While the volume can get extremely loud, it does distort just the smallest amount at the highest volumes. If you’re getting into the highest 10% or so of volume, you can pick up some slight distortions. But, honestly, I don’t know how many people are going to get there. Using this as the music system at an outdoor birthday party, we still kept the speaker around half volume and it filled the rather large yard we were hosting the party in. It’s just impressive.
Odds and Ends
Battery life is dead on the estimates given by Braven. I’ve listened through about four battery cycles and hit within an hour on either side of the 14-hour estimate every time. While 14 hours is enough to get you through a couple of parties, I felt a bit lacking in this department. Speakers like the Fugoo XL and UE Megaboom have significantly longer battery life in significantly smaller packages.
In the box, you’ll find adapters for other outlet types from around the world, in addition to a shoulder strap for even easier transportation.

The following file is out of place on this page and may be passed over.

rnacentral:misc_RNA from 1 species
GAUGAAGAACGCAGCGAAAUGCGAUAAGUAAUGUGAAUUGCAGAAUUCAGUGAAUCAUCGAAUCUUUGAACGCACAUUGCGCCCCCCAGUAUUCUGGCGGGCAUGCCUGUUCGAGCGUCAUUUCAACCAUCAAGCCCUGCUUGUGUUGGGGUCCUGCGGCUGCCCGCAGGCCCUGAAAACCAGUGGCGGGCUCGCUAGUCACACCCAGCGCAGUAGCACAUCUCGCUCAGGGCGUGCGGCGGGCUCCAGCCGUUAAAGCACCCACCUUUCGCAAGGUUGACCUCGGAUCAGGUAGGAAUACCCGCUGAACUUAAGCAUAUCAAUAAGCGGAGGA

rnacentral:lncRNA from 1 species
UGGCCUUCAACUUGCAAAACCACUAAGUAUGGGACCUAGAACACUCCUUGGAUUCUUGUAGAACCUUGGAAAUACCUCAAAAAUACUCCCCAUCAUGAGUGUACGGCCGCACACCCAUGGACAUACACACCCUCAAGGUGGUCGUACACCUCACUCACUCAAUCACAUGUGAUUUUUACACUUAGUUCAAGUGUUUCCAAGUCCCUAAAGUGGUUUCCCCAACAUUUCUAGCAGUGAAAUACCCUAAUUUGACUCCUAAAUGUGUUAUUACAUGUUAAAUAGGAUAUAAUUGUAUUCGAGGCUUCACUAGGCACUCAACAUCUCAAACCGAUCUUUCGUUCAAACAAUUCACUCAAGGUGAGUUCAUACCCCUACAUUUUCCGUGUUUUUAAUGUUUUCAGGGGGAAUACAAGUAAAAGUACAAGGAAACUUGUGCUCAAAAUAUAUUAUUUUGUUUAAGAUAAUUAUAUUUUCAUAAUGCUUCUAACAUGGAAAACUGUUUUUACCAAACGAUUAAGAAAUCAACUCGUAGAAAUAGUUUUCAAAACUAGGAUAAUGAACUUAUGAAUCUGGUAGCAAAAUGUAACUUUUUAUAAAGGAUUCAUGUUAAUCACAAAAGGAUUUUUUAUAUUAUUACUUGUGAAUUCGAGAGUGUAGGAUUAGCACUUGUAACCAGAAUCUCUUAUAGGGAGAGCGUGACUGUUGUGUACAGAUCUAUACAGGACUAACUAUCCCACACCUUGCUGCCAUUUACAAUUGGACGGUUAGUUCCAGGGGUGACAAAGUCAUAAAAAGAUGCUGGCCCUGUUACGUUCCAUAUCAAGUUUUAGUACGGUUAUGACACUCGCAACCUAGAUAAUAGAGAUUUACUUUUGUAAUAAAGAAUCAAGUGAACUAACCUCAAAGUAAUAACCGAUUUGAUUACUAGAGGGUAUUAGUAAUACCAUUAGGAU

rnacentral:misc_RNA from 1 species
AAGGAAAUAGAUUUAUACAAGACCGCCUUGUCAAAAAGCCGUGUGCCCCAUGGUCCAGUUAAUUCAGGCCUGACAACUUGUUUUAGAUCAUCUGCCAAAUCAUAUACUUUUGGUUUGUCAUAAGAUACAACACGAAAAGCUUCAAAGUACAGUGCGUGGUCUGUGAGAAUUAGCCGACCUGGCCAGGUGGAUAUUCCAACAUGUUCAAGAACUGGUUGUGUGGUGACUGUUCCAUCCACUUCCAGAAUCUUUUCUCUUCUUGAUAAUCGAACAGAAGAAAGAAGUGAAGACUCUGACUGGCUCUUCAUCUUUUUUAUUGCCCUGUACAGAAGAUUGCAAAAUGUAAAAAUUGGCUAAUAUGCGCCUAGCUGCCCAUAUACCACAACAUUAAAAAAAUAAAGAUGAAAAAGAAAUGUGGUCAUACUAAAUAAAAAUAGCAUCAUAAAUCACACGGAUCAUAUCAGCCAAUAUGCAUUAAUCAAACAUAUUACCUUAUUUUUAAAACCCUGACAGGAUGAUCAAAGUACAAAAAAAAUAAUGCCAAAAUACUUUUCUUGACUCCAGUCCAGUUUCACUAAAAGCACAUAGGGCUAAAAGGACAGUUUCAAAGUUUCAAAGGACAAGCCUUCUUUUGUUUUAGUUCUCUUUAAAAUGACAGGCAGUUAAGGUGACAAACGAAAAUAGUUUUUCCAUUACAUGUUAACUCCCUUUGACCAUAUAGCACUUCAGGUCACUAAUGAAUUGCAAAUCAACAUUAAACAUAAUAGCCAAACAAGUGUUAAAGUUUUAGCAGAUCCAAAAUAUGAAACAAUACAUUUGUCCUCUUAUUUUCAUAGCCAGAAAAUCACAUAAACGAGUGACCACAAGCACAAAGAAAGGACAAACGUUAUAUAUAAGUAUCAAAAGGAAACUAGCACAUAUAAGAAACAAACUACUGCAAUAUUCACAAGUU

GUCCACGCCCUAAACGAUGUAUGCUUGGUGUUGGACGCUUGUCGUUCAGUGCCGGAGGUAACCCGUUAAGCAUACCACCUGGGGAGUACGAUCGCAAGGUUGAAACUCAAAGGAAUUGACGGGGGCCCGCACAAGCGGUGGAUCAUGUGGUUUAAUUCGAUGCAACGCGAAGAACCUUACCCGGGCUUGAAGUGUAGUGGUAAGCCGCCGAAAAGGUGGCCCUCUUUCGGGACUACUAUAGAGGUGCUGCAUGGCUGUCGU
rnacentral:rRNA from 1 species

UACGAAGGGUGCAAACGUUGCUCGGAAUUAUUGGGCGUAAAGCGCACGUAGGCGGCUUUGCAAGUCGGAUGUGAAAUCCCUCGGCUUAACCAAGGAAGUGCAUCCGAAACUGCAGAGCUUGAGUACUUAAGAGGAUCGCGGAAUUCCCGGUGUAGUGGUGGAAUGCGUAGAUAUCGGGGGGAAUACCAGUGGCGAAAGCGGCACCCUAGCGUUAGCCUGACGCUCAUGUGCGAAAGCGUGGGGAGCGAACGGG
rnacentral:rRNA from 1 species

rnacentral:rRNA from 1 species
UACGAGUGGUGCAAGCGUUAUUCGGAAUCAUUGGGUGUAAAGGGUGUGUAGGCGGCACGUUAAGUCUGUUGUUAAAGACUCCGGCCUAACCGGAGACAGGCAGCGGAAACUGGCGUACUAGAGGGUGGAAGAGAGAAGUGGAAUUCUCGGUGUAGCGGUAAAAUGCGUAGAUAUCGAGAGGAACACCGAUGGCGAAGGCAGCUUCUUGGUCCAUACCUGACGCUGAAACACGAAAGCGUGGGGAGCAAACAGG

One of the standout features that most people are glossing over is the ability to turn the BRV-XXL into a mobile PA system. The second AUX input for a microphone takes this from just a very loud speaker to a very loud PA system that shouldn’t have any issue cutting through crowd noise at large events. If you’re the owner of a business that regularly goes to places like street fairs, this would be a really great option to draw people to your booth or establishment.
There is nothing about the Braven BRV-XXL that isn’t big. Big sound, big body, big price tag. The $350 price tag (Amazon) is nothing to blush at. It runs at a higher price than competitors from UE and Fugoo, but you do gain truly superior volume with Braven. I’ll definitely be taking this to the beach this summer and tailgating in the fall due to the fact that it’s very versatile. Is it big and unwieldy? Yeah, sure, but it’s nothing I can’t handle with the attached handle or the shoulder strap that Braven included.